Experts urge commissioners to invest in self management courses for patients with chronic disease

BMJ 2012; 345 doi: (Published 19 November 2012) Cite this as: BMJ 2012;345:e7857
  1. Tessa Richards
  1. 1BMJ

Clinical commissioning groups in England should recognise the value to patients and the potential cost savings to the NHS of increasing investment in self management courses for patients with long term conditions, a meeting convened by the Expert Patients Programme agreed last week.

The programme (, which was set up and financed by the Department of Health 10 years ago and contracted out to a social entrepreneur in 2004, is now run by a not for profit community interest group that deploys a large number of volunteers with experience of living with long term conditions. The self management courses aim to build the confidence and resilience, particularly of disadvantaged patients, to cope with daily living and to use health and community services appropriately. Feedback from them, well illustrated by personal stories aired at the meeting, has been very positive, meeting participants were told.

“The courses have supported patients to be fully engaged and decreased their dependence on health services,” said Liam Donaldson, former chief medical officer for England.

But although the strengths of the programme were “admired internationally,” he said, primary care trusts had been “very varied in their willingness and enthusiasm to take them up.” Self management courses for patients with chronic disease should become “a major part of healthcare in the UK in the future,” he said.

The courses are led in conjunction with health professionals and volunteer patients. Most of the courses so far have been generic self help courses based on a model developed at Stanford University in California. Groups of up to 16 people attend sessions weekly for six weeks. Patients from ethnic minority groups can attend courses in their favoured language. Disease specific courses are also available for people with mental health disorders, alcohol and substance abuse, chronic pain, and chronic obstructive pulmonary disease; and others have been developed for use in prisons and for children.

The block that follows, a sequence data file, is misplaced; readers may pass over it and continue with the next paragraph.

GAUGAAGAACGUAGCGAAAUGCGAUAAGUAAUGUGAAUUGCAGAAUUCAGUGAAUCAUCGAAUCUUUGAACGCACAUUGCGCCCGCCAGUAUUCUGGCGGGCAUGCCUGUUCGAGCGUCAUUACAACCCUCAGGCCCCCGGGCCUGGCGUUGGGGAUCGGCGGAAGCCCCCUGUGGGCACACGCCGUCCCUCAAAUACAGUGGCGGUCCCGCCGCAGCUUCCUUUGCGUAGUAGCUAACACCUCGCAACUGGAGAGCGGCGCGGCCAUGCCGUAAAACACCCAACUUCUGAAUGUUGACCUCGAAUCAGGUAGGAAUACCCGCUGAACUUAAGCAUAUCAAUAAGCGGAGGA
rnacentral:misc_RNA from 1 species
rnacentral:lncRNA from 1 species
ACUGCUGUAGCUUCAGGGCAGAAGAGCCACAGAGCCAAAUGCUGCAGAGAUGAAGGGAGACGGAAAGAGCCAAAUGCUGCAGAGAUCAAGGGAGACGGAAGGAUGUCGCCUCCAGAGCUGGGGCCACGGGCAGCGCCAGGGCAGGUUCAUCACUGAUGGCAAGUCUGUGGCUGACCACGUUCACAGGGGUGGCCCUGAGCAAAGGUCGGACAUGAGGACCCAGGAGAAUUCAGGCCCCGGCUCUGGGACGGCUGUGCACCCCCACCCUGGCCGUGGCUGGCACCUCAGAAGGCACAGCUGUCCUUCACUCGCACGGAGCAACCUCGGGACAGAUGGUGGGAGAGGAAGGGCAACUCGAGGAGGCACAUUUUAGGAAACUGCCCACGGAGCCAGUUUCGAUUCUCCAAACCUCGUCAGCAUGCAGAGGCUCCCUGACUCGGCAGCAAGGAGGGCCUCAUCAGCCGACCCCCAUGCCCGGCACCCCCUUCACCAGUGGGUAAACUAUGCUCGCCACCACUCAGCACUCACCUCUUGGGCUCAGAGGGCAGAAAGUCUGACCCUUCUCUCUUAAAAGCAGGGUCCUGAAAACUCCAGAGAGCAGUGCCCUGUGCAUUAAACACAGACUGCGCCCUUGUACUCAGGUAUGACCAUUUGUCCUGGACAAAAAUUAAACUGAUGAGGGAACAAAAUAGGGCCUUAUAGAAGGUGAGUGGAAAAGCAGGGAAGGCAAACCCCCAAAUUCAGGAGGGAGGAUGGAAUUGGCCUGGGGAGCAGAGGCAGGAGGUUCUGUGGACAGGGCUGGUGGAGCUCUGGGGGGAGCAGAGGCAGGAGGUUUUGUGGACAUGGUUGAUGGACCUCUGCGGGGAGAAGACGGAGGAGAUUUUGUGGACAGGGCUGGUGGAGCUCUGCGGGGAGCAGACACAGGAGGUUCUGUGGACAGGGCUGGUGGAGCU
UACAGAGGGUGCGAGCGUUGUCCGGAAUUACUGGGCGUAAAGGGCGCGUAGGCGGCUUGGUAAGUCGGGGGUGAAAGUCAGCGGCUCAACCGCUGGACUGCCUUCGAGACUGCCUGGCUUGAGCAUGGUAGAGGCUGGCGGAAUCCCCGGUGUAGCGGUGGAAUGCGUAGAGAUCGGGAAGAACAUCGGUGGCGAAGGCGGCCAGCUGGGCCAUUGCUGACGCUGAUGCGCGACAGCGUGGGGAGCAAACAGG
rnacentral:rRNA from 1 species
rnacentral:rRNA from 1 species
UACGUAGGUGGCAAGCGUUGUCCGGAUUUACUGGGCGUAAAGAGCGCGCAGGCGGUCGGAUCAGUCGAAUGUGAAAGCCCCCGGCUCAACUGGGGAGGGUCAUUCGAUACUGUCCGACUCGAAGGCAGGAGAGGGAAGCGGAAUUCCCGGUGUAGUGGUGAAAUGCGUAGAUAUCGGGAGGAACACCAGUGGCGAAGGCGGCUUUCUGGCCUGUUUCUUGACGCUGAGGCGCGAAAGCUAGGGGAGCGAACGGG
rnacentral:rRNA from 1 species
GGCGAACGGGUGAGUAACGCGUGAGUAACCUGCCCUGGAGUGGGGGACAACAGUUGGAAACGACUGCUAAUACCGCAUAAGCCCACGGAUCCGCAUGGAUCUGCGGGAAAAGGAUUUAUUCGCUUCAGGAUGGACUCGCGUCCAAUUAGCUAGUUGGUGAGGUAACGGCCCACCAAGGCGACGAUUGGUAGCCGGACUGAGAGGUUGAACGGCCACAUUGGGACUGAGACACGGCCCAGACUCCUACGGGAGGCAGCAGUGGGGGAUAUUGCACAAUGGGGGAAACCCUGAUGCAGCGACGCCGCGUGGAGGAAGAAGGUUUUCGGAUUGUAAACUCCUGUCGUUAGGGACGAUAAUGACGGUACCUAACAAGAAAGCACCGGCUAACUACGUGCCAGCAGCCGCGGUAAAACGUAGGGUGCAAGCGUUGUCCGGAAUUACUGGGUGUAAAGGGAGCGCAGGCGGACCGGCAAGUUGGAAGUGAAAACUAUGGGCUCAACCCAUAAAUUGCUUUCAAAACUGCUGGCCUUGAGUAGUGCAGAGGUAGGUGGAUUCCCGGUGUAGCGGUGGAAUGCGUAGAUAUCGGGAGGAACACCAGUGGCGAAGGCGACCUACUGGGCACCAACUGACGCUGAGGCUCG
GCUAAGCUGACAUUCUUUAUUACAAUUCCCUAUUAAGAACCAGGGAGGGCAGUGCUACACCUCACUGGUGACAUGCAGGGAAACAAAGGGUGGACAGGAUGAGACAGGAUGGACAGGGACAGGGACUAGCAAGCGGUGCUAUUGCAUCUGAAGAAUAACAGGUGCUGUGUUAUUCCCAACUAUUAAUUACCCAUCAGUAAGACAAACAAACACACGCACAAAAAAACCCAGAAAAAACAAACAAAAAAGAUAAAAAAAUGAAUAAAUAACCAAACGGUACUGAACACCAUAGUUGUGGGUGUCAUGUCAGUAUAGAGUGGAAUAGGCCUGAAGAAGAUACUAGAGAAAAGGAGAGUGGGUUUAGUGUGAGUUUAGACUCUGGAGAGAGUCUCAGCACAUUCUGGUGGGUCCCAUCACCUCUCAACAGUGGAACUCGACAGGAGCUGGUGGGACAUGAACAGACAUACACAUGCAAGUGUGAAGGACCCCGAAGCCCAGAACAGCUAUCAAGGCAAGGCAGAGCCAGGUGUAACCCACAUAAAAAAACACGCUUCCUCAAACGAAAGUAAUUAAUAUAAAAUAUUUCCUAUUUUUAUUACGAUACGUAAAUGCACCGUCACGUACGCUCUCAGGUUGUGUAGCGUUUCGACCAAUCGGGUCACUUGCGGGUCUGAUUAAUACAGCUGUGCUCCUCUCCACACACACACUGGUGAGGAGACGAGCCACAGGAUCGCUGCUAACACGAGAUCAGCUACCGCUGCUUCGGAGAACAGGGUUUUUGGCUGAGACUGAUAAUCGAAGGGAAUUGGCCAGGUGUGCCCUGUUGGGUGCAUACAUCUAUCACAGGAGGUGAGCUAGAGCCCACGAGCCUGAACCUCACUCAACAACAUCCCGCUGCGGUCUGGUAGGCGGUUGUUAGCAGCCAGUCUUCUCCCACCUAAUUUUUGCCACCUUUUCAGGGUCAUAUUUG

The cost to commissioners of running a course was around £5000 (€6225; $8000), the BMJ was told. But recent independent evaluations of their effects on patients’ use of health services and the accrual of broader social rewards—including improved lifestyles and ability to continue education, stay in employment, and contribute to the community—indicated that they could be highly cost effective.

Despite this evidence, several speakers at the meeting expressed misgivings about whether the new clinical commissioning groups would see support of self management as a funding priority, given their imperative to cut back on costs. Because of this, the programme has developed online courses and just launched a new “expert patient community” where patients are being encouraged to post self management stories and video diaries.

Renata Drinkwater, chief executive of the programme, said, “We are in a challenging environment. Most of us do or will live with a chronic long term condition or care for people with a [combination] of chronic illnesses.” She added that for the benefit of the community as a whole, “We need to connect expert patients and harness their skills as volunteers.”


Cite this as: BMJ 2012;345:e7857

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